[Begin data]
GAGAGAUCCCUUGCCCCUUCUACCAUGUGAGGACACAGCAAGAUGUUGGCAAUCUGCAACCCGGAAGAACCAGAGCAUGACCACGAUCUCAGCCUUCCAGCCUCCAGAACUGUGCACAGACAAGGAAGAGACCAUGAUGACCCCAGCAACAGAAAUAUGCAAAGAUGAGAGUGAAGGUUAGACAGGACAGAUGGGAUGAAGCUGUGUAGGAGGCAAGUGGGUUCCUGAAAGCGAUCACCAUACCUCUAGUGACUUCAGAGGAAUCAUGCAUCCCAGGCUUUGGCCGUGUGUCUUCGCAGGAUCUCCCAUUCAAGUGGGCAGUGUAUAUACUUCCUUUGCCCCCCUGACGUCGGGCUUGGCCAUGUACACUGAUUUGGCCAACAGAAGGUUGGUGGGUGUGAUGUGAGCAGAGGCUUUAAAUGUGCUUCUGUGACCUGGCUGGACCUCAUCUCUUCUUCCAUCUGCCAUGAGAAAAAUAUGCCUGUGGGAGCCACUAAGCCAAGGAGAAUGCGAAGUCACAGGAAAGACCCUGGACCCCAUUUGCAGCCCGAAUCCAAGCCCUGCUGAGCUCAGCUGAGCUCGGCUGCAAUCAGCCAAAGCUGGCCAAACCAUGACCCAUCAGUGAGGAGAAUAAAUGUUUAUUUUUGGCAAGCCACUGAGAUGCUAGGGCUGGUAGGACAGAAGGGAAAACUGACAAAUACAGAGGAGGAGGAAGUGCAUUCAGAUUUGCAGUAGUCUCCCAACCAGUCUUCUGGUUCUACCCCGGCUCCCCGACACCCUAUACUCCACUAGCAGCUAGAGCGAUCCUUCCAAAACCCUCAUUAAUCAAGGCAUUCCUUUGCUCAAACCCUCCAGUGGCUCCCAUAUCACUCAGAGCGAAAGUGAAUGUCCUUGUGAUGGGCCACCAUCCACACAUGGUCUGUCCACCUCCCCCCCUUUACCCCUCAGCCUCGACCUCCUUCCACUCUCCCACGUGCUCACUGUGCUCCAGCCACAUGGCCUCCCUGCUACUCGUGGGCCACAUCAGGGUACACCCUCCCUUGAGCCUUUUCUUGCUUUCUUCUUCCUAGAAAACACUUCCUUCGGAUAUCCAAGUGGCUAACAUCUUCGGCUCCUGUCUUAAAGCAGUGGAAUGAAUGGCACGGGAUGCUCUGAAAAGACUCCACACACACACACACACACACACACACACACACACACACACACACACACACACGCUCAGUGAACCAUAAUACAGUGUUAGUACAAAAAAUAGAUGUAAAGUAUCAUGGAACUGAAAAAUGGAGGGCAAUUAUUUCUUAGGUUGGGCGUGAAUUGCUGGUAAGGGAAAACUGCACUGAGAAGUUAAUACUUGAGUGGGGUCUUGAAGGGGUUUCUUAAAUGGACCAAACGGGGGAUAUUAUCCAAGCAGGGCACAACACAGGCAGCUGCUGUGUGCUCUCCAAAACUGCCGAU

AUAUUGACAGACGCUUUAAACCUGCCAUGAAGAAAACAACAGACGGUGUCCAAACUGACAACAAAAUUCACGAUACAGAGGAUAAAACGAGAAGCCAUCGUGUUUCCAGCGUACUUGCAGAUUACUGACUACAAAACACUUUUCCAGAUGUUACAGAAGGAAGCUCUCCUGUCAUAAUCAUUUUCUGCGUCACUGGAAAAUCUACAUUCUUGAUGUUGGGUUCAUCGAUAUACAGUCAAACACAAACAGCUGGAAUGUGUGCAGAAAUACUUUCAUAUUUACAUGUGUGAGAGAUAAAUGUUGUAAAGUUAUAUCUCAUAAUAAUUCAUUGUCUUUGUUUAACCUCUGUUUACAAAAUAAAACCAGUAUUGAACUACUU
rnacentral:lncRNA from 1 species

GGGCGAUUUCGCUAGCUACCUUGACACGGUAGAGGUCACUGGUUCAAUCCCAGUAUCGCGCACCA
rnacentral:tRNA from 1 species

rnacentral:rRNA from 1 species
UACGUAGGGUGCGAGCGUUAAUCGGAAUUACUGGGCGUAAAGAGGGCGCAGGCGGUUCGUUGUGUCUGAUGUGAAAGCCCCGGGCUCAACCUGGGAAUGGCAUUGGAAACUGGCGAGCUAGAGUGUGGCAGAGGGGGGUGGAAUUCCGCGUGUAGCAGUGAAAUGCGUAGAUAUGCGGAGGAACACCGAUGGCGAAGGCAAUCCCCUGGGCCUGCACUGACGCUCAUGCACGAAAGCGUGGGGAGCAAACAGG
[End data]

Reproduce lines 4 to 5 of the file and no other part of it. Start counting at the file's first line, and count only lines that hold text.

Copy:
GGGCGAUUUCGCUAGCUACCUUGACACGGUAGAGGUCACUGGUUCAAUCCCAGUAUCGCGCACCA
rnacentral:tRNA from 1 species